There are a few tutorials demonstrating how to set up an SSL connection with a website hosted on GitHub pages This One by Sheharyar Naseer and This Other One by Keanu Lee. While they were helpful they focused on custom website tools such as Octopress and Jekyll. This guide is aimed at purely static HTML, CSS, JS and a domain managed by Google Domains.
So why go through all this work?
Well first off it’s cheap, about as cheap as it comes for solid web hosting, custom domain, and SSL certificate. Really, the only thing you have to spend money on is the custom domain name. Hosting on GitHub with GitHub Pages is free and using a Flexible SSL from CloudFlare is also free. All you’re paying for is your domain name, so from $12 a year you get the big names of Google, Github, (and CloudFlare) behind you.
Secondly, you then get all the benefits that SSL has to offer. Those mainly being an added layer of security for your site and peace-of-mind for your customers. And possibly more important https now affects search engine rankings (at least from Google).
This guide takes into account that you have already purchased a custom domain name from Google, if not you should do that prior to anything else. This guide is aimed specifically at using Google Domains, so if your domain name is hosted elsewhere some of these steps may not be applicable to you but hopefully you should be able to sub your domain name hosting in with relative ease.
Step 1: CloudFlare
- If you don’t already have an account for CloudFlare go sign-up for one; it’s free.
- Add your site. This should be a site you want to add the SSL to.
- Note: The records that are automatically generated by CloudFlare should match your Google Domains records.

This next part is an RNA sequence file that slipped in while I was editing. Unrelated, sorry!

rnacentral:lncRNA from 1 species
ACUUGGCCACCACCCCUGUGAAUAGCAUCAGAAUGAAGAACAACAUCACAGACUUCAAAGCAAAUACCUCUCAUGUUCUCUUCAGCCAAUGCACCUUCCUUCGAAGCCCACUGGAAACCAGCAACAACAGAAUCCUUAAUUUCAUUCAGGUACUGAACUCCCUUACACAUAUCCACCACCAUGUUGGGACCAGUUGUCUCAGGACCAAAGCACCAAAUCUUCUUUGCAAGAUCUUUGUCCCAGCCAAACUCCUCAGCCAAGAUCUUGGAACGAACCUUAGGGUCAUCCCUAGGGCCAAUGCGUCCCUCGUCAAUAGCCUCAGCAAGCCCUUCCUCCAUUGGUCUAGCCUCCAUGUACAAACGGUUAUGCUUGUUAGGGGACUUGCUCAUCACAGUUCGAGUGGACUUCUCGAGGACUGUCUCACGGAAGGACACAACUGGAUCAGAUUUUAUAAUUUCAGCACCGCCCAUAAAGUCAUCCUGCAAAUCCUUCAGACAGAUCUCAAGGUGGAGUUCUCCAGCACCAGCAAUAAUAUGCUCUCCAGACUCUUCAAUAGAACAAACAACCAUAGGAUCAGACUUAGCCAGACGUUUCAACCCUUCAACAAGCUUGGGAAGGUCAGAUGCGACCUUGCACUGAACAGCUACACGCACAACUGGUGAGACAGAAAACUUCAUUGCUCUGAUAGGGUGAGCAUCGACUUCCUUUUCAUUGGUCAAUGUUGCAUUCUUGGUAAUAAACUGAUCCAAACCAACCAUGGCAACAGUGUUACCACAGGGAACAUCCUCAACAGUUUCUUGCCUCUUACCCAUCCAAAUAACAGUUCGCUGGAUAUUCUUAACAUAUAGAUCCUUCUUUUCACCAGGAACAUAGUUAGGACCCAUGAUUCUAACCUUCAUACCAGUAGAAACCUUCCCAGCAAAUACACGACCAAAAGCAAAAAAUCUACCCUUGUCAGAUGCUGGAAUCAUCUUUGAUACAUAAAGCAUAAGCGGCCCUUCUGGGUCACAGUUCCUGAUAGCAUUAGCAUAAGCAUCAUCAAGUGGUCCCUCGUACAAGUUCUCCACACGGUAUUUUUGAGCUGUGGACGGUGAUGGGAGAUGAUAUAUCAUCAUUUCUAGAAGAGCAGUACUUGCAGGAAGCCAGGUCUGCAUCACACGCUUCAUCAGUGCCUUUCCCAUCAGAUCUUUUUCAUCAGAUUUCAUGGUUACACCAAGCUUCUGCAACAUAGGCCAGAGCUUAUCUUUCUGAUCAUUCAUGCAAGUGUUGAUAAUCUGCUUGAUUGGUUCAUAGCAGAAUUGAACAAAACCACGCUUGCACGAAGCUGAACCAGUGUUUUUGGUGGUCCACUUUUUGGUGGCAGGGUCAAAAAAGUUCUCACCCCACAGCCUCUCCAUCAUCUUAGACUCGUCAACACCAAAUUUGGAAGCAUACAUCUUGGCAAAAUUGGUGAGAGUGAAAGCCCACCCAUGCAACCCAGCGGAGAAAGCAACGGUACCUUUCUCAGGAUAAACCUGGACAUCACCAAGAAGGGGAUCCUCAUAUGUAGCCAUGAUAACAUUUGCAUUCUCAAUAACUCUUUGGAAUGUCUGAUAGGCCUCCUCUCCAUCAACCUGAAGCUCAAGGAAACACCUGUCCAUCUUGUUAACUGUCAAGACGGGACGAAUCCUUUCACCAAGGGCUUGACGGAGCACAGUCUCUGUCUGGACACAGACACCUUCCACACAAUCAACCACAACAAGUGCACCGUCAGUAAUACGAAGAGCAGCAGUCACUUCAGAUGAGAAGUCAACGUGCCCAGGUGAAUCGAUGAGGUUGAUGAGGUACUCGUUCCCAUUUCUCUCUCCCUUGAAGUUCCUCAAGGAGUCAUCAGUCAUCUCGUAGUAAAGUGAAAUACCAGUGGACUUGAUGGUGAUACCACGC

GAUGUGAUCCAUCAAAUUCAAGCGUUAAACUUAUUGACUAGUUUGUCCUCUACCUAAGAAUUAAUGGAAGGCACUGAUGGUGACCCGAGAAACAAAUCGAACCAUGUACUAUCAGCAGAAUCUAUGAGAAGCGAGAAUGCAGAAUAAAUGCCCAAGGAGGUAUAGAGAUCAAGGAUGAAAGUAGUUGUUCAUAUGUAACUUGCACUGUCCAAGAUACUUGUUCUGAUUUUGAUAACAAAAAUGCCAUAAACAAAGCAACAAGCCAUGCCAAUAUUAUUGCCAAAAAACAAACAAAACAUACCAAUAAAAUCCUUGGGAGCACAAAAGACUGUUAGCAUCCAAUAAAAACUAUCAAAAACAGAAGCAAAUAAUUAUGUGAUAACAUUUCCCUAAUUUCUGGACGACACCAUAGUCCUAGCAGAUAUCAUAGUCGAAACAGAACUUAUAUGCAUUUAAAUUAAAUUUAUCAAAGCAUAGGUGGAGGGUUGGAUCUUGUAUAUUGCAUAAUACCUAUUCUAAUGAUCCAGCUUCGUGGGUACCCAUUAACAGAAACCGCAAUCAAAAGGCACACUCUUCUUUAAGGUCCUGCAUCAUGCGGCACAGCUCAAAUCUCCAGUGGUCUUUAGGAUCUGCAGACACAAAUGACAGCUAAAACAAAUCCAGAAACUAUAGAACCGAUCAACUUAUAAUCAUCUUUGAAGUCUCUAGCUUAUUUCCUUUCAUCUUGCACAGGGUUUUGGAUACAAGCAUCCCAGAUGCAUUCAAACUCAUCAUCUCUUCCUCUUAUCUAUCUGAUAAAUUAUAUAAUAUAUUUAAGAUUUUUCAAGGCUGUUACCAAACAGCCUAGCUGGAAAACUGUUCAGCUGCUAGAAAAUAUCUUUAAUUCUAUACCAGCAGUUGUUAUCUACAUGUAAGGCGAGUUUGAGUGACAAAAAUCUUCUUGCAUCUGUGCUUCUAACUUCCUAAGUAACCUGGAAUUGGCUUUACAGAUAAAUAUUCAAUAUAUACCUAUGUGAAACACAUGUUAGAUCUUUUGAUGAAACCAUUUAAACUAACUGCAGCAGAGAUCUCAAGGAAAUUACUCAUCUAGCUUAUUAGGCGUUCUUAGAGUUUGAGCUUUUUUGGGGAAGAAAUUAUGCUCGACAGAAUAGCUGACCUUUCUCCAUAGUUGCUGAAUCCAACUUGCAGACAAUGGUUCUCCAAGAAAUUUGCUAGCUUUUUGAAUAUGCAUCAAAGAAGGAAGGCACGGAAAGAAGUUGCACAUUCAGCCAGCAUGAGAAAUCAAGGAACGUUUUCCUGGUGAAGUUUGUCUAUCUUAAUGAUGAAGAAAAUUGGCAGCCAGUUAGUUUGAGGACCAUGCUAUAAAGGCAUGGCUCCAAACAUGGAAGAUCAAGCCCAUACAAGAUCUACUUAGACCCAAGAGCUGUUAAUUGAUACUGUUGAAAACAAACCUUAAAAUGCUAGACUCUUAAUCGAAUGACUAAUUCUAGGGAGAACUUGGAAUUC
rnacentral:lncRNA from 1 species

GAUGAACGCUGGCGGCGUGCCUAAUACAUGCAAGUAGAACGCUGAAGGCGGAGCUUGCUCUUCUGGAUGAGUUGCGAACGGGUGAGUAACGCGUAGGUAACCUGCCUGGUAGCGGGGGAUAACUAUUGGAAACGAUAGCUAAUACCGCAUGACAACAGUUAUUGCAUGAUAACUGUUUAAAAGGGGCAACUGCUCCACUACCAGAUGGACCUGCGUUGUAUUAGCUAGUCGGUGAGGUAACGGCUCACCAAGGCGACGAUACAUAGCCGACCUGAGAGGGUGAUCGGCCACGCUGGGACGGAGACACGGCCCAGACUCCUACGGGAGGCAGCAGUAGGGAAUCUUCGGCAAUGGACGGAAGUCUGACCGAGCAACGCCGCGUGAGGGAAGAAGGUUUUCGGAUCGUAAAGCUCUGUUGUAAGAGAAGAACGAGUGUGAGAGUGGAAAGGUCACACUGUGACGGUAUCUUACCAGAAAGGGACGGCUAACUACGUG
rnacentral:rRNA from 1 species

- Copy down the two DNS name servers that CloudFlare assigns to you.
- These name servers should look something like name.ns.cloudflare.com
Step 2: Google Domains
- Log into your Google Domain account and select the site you’re working with.
- On the DNS settings page you should see a Name Servers section; then click the “Use custom name servers” radio button and enter the two CloudFlare name servers
Copy the Custom Resource Records from Google DNS settings
Note: if you are using other Google Apps (for business) like Mail, Doc, Drive etc you will also need to copy those records. Note: I only needed to transfer the MX (mail) records but your results may vary.
#Step 3: Back to CloudFlare
- Go to your DNS settings in CloudFlare and enter all of your DNS records from Google. Also,
you need to create a
CNAME recordthat points to
- On the DNS settings page, you need to turn on CloudFlare for all the records.
- The icon, when off, looks like a gray little cloud, when turned on it is bright orange. (If you forget to do this SSL will not work and you will get an error on page load.)
- Finally, go to your sites ClouldFlare settings and turn on SSL setting it to Flexible SSL.
Step 4. Github
- Head over to GitHub and create a new repository named
username.github.io, where username is your username (or organization name) on GitHub.
- If the first part of the repository doesn’t exactly match your username, it won’t work, so make sure to get it right.
Push, Clone, Migrateyour site into the newly created repository.
- At this point if you hadn’t done all the DNS mapping above your site would display at
username.github.io. Now, it should redirect to your custom url.
- Finally, create a file called
CNAMEin the site’s repository and put your custom url on the first line.
- If you configure both an apex domain (e.g. example.com) and a matching www subdomain (e.g. www.example.com), GitHub’s servers will automatically create redirects between the two.
- For example: If your
CNAMEfile contains example.com, the
www.example.comwill redirect to
example.com. If your
example.comwill redirect to
Step 5: Forcing SSL Connection
Add this code to each page you want secured, at the very top of the
You should make sure all links now point to the
https://version of your site.
Hopefully, this worked for you! If you did this all in one go you should note that DNS records can take up to 72hrs to propagate across the web.
You should also be aware the Flexible version of SSL that CloudFlare isn’t as secure as Full SSL and as such should never be used to transfer sensitive data. The flexible SSL protects against unsecured networks and in general, will cause the rest of the web to treat your site as secure.